A note from grape grower and winemaker Luca Ferraro:
After entire weeks of rain, July has left us with problems of hydric stress.
Sweltering days, warm nights, and a lack of rain have forced us to irrigate our hill-side vineyards for the first time ever.
I never thought it would come to this after a spring with exaggerated levels of rainfall.
It’s probably due to soils that are excessively compact due to frequent use of tractors (and sprayers) on wet soils.
The work that we’ve been doing on the soils has not been sufficient. But we will have to continue down this road in order to increase the fertility of the soil in our Prosecco vineyards and to make sure that the water remains in the ground for a longer period.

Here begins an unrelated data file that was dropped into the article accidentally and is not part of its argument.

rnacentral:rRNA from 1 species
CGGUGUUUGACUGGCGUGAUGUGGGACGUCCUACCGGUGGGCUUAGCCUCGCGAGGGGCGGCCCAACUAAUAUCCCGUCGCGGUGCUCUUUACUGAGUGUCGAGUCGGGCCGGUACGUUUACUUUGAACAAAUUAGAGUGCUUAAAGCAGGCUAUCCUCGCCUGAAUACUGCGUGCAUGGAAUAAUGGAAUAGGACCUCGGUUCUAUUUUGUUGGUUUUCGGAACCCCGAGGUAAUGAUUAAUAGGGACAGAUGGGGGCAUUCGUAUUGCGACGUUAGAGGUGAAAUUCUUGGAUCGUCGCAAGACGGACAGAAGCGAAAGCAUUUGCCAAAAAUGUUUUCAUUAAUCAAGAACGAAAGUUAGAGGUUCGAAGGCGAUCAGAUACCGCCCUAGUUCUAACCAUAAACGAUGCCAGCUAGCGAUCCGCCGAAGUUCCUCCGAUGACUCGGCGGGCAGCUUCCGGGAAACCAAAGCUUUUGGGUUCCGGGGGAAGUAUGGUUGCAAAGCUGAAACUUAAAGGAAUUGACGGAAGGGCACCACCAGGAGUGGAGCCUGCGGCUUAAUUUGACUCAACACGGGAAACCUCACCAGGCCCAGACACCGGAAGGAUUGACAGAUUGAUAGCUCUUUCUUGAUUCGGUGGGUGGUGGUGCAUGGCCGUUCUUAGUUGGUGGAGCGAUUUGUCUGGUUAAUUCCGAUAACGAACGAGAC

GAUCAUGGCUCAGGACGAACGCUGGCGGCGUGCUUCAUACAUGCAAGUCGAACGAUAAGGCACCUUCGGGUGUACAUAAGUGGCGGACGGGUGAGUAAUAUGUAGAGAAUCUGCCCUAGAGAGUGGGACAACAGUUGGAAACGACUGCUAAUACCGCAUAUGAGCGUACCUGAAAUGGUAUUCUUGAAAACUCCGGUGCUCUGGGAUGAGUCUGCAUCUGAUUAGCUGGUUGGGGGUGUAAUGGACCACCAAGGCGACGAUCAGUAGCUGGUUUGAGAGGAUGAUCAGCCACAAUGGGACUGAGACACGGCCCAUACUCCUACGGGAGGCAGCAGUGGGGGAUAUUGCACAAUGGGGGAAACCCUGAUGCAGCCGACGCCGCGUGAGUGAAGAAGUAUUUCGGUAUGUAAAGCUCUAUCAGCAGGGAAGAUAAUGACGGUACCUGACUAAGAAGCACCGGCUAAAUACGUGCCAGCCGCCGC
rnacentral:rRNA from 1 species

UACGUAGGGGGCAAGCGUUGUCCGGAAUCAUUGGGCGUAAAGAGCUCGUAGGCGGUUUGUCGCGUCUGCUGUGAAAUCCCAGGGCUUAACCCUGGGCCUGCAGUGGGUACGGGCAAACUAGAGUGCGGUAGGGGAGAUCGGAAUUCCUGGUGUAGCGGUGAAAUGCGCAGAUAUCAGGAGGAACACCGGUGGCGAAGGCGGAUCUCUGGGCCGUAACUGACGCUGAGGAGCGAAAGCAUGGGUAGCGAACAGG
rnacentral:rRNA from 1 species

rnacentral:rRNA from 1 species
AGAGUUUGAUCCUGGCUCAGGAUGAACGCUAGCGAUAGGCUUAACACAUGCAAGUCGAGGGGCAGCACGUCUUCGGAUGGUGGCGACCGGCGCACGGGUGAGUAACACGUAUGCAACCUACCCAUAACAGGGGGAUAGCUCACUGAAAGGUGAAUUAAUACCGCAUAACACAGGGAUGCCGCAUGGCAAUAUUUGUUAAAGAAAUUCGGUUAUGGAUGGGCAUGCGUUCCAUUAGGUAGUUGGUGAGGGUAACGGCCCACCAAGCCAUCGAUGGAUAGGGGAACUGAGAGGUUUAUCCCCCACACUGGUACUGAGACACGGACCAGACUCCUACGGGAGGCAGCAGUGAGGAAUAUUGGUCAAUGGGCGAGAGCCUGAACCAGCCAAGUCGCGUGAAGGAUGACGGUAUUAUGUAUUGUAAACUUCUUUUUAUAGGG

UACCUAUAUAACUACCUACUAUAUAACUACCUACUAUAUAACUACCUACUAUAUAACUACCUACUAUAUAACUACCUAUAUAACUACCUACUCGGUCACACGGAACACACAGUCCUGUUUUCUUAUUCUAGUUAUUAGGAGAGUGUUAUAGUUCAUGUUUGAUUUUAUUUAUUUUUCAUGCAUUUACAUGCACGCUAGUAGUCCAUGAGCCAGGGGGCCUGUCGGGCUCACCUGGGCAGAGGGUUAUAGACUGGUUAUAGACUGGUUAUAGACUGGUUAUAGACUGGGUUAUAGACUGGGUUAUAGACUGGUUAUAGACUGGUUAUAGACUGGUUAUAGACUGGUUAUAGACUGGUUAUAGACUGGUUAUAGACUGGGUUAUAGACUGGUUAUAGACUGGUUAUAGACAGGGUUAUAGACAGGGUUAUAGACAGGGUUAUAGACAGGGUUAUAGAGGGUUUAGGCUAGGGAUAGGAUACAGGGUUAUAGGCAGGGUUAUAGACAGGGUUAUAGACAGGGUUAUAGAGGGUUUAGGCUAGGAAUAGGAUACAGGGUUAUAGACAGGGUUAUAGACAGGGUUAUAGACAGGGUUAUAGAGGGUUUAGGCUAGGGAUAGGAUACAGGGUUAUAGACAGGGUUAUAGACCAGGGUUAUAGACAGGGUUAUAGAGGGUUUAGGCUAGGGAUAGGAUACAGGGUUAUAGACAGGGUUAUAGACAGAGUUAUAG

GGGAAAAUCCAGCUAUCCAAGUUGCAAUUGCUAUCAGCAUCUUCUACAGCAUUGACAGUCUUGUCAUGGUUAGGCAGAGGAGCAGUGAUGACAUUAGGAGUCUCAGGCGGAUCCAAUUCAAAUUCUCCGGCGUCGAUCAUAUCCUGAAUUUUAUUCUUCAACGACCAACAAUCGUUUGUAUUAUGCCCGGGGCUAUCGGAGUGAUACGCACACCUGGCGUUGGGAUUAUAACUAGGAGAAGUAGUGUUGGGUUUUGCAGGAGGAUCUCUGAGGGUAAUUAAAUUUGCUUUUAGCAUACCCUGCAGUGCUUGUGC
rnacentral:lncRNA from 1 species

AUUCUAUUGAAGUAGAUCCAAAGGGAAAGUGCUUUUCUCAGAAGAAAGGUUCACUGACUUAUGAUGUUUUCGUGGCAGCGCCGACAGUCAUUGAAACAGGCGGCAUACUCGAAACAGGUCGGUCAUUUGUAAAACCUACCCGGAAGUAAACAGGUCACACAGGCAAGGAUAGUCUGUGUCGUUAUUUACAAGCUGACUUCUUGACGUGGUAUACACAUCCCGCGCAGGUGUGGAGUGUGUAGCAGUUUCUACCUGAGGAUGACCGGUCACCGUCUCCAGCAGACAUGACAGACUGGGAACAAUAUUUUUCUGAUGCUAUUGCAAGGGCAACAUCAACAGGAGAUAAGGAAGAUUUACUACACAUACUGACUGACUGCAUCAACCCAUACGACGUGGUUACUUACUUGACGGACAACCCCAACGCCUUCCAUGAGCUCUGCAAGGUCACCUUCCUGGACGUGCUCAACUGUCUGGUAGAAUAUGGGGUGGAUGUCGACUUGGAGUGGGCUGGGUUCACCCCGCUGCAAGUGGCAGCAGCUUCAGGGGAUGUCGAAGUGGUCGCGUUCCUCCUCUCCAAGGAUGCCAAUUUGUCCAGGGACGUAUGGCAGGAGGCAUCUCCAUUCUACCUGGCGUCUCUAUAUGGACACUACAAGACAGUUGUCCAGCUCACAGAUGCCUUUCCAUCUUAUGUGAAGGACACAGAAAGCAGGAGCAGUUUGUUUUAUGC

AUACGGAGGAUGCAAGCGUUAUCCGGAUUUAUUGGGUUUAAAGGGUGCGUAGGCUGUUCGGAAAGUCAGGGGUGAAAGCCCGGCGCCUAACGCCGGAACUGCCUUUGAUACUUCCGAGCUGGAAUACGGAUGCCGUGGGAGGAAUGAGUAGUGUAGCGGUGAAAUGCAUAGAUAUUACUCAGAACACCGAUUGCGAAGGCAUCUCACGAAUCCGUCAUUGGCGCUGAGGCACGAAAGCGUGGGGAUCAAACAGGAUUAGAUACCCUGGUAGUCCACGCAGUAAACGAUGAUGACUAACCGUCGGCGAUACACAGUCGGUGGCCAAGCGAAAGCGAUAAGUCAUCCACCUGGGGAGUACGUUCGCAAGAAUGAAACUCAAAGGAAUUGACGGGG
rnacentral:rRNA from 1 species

July 1: a Glera grape bunch.
July 9: treatments applied during the cool hours of the early morning in order to avoid warming of the leaves and grape bunches.
Some of our vineyards in Cornuda.
July 16: While working in the vineyards, we found a small Glera bunch that had been attacked by oidium (powdery mildew). The next day, we went back to the vineyard with a duster and applied micronized sulfur to stop potential outbreaks.
July 17: We head out to the vineyards at dawn to spray sulfur without damaging the vines.